We seek to understand if an automated algorithm can replace human scoring of surgical trainees performing the urethrovesical anastomosis in radical prostatectomy with synthetic tissue. Specifically, we investigate neural networks for predicting the surgical proficiency score (GEARS score) from video clips. We evaluate videos of surgeons performing the urethral anastomosis using synthetic tissue. The algorithm tracks surgical instrument locations from video, saving the positions of key points on the instruments over time. These positional features are used to train a multi-task convolutional network to infer each sub-category of the GEARS score to determine the proficiency level of trainees. Experimental results demonstrate that the proposed method achieves good performance with scores matching manual inspection in 86.1% of all GEARS sub-categories. Furthermore, the model can detect the difference between proficiency (novice to expert) in 83.3% of videos. Evaluation of GEARS sub-categories with artificial neural networks is possible for novice and intermediate surgeons, but additional research is needed to understand if expert surgeons can be evaluated with a similar automated system.
MRI and CT bladder segmentation from classical to deep learning based approaches: Current limitations and lessons.
Bandyk Mark G,Gopireddy Dheeraj R,Lall Chandana,Balaji K C,Dolz Jose
Computers in biology and medicine
Precise determination and assessment of bladder cancer (BC) extent of muscle invasion involvement guides proper risk stratification and personalized therapy selection. In this context, segmentation of both bladder walls and cancer are of pivotal importance, as it provides invaluable information to stage the primary tumor. Hence, multiregion segmentation on patients presenting with symptoms of bladder tumors using deep learning heralds a new level of staging accuracy and prediction of the biologic behavior of the tumor. Nevertheless, despite the success of these models in other medical problems, progress in multiregion bladder segmentation, particularly in MRI and CT modalities, is still at a nascent stage, with just a handful of works tackling a multiregion scenario. Furthermore, most existing approaches systematically follow prior literature in other clinical problems, without casting a doubt on the validity of these methods on bladder segmentation, which may present different challenges. Inspired by this, we provide an in-depth look at bladder cancer segmentation using deep learning models. The critical determinants for accurate differentiation of muscle invasive disease, current status of deep learning based bladder segmentation, lessons and limitations of prior work are highlighted.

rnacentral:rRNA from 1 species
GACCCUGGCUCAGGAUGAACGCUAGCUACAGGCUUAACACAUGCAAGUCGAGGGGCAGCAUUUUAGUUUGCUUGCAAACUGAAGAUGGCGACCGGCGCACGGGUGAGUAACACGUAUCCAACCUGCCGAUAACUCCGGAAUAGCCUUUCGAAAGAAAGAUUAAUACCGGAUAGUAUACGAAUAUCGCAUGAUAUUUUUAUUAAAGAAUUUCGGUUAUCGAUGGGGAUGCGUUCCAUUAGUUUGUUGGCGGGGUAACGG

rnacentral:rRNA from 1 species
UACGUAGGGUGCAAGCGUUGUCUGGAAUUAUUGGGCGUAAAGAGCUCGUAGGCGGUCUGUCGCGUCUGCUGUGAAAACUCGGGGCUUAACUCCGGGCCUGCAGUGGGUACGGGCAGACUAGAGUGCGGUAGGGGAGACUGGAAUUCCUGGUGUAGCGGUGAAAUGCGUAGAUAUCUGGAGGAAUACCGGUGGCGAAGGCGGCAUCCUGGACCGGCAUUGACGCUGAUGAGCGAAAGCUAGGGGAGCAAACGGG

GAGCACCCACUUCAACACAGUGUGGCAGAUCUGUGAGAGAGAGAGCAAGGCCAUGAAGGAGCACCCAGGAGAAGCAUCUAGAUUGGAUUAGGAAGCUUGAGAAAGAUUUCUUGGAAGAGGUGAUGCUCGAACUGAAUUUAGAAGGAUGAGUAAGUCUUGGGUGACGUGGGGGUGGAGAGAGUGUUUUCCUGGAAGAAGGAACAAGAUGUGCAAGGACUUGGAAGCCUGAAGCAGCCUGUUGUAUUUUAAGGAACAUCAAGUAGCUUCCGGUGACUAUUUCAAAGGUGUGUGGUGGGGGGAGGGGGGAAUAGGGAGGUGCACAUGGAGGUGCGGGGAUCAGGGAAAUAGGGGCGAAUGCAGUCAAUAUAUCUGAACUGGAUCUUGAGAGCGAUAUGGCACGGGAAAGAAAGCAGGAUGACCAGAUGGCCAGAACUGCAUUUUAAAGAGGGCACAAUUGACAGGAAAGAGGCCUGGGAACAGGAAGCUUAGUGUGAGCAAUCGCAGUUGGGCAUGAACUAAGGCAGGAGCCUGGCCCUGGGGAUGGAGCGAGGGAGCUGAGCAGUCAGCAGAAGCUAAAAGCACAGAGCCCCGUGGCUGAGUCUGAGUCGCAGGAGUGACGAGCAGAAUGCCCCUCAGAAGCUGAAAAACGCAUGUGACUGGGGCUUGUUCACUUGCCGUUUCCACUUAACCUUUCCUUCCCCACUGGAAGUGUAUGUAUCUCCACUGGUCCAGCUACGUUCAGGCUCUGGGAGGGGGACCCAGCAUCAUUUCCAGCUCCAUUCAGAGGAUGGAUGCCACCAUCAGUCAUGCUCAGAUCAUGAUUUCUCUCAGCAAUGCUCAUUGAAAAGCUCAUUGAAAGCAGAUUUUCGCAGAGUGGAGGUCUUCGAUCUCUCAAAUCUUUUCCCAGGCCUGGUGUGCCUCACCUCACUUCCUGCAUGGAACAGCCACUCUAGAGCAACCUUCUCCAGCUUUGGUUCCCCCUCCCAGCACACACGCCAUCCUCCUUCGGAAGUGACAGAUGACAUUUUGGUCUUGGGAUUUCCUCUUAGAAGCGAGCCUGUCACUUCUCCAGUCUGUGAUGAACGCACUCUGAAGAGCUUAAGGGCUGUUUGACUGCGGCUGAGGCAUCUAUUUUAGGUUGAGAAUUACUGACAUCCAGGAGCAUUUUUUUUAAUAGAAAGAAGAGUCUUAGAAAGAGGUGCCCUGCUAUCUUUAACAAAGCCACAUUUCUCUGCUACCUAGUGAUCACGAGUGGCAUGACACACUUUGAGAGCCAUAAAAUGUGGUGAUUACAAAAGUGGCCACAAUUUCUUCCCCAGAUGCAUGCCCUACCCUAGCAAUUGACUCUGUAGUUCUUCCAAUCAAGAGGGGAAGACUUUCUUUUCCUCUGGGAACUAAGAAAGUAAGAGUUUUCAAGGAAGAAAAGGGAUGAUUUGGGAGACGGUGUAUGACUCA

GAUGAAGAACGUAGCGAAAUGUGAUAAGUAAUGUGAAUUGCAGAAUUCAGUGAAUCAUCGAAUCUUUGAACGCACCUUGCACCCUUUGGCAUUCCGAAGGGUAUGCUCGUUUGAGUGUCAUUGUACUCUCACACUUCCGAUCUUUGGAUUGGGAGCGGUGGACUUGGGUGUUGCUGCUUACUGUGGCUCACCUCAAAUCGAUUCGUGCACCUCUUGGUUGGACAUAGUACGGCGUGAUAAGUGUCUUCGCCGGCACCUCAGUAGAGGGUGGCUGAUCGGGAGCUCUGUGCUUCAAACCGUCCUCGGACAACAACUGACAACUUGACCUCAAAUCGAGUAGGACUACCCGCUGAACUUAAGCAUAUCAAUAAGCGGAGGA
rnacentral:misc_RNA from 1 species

Deep Neural Networks Can Accurately Detect Blood Loss and Hemorrhage Control Task Success From Video.
BACKGROUND:Deep neural networks (DNNs) have not been proven to detect blood loss (BL) or predict surgeon performance from video. OBJECTIVE:To train a DNN using video from cadaveric training exercises of surgeons controlling simulated internal carotid hemorrhage to predict clinically relevant outcomes. METHODS:Video was input as a series of images; deep learning networks were developed, which predicted BL and task success from images alone (automated model) and images plus human-labeled instrument annotations (semiautomated model). These models were compared against 2 reference models, which used average BL across all trials as its prediction (control 1) and a linear regression with time to hemostasis (a metric with known association with BL) as input (control 2). The root-mean-square error (RMSE) and correlation coefficients were used to compare the models; lower RMSE indicates superior performance. RESULTS:One hundred forty-three trials were used (123 for training and 20 for testing). Deep learning models outperformed controls (control 1: RMSE 489 mL, control 2: RMSE 431 mL, R2 = 0.35) at BL prediction. The automated model predicted BL with an RMSE of 358 mL (R2 = 0.4) and correctly classified outcome in 85% of trials. The RMSE and classification performance of the semiautomated model improved to 260 mL and 90%, respectively. CONCLUSION:BL and task outcome classification are important components of an automated assessment of surgical performance. DNNs can predict BL and outcome of hemorrhage control from video alone; their performance is improved with surgical instrument presence data. The generalizability of DNNs trained on hemorrhage control tasks should be investigated.